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COVID-19 messages make emergency alerts just another text in the crowd on your home screen

People of a certain age remember radio and television broadcasts interrupted by tests of the Emergency Broadcast System. filo/DigitalVision Vectors via Getty Images

COVID-19 messages make emergency alerts just another text in the crowd on your home screen

People of a certain age remember radio and television broadcasts interrupted by tests of the Emergency Broadcast System. filo/DigitalVision Vectors via Getty Images

COVID-19 messages make emergency alerts just another text in the crowd on your home screen

People of a certain age remember radio and television broadcasts interrupted by tests of the Emergency Broadcast System. filo/DigitalVision Vectors via Getty Images

COVID-19 messages make emergency alerts just another text in the crowd on your home screen

People of a certain age remember radio and television broadcasts interrupted by tests of the Emergency Broadcast System. filo/DigitalVision Vectors via Getty Images

COVID-19-related messages are a new use of this alert system. They indicate changing ideas about what constitutes an emergency and underscore the challenges of public messaging in a personalized media environment.

Elizabeth Ellcessor, University of Virginia

On a spring day in 2020, residents of El Paso, Texas, saw their phones light up with a text message: “Avoid parks/family gatherings this Easter. Stay home, stay safe. Do it for your loved ones.”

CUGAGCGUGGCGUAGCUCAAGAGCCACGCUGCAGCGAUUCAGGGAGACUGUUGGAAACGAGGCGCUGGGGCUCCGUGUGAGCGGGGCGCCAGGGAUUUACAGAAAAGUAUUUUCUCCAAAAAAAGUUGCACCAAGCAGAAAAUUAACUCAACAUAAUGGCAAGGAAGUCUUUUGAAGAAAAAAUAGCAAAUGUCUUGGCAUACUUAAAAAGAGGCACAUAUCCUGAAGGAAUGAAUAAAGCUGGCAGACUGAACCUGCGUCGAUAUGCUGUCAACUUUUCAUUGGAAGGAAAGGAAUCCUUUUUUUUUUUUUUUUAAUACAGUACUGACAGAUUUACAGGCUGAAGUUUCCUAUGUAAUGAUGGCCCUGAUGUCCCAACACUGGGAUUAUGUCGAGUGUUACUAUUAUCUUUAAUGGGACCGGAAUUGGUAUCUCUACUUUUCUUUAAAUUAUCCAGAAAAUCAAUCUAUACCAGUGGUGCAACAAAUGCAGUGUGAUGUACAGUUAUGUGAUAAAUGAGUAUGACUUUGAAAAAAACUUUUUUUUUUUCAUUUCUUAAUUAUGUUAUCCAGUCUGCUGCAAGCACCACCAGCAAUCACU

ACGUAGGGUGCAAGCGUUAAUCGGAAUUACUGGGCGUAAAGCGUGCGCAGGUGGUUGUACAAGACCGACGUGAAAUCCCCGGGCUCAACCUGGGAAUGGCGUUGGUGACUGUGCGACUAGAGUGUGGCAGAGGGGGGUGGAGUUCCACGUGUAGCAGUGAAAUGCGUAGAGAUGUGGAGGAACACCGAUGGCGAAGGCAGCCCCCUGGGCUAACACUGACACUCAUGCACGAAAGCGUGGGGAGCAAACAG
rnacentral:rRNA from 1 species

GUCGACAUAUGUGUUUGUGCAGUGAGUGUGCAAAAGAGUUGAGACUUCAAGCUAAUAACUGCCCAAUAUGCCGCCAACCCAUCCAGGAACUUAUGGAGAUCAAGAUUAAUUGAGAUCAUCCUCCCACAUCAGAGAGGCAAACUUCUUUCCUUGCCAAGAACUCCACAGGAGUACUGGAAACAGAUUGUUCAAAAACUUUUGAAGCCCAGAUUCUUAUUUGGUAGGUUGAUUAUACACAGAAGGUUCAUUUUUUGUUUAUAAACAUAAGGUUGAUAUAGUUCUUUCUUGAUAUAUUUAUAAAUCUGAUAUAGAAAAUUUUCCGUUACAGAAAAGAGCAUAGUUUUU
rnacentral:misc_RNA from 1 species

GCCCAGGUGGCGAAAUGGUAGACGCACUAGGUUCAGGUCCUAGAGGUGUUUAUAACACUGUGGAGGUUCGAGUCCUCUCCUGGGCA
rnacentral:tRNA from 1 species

This message, sent via the federal Wireless Emergency Alert system, was one of many designed to deliver COVID-19-related guidance directly to people’s cellphones.

COVID-19-related messages are a new use of this alert system. They indicate changing ideas about what constitutes an emergency and underscore the challenges of public messaging in a personalized media environment.

Traditionally, emergency alerts are sent to phones in a given area only in very serious circumstances: Amber Alerts for abducted children, presidential alerts for national emergencies, alerts about imminent threats to life or safety and alerts “conveying recommendations for saving lives and property.” Between 2012 and 2018, 96% of alerts were weather-related.

cell phone screenshot of an emergency alert

Emergency alerts are de facto declarations of emergencies, and people tend to respond accordingly. AP Photo/Caleb Jones

As I explain in my forthcoming book, “In Case of Emergency: How Technologies Mediate Crisis and Normalize Inequality,” use of a technology designated for emergencies effectively declares an emergency, and when people believe they are in the midst of an emergency they often change their feelings and behavior. For instance, an alert that declared a “ballistic missile threat inbound” to Hawaii in January 2018 prompted some people to panic. While this incident was quickly revealed to be a mistake – a Hawaii Emergency Management Agency employee confused a drill for an actual emergency – many people experienced an emergency: the fear, the confusion, the rush of activity....

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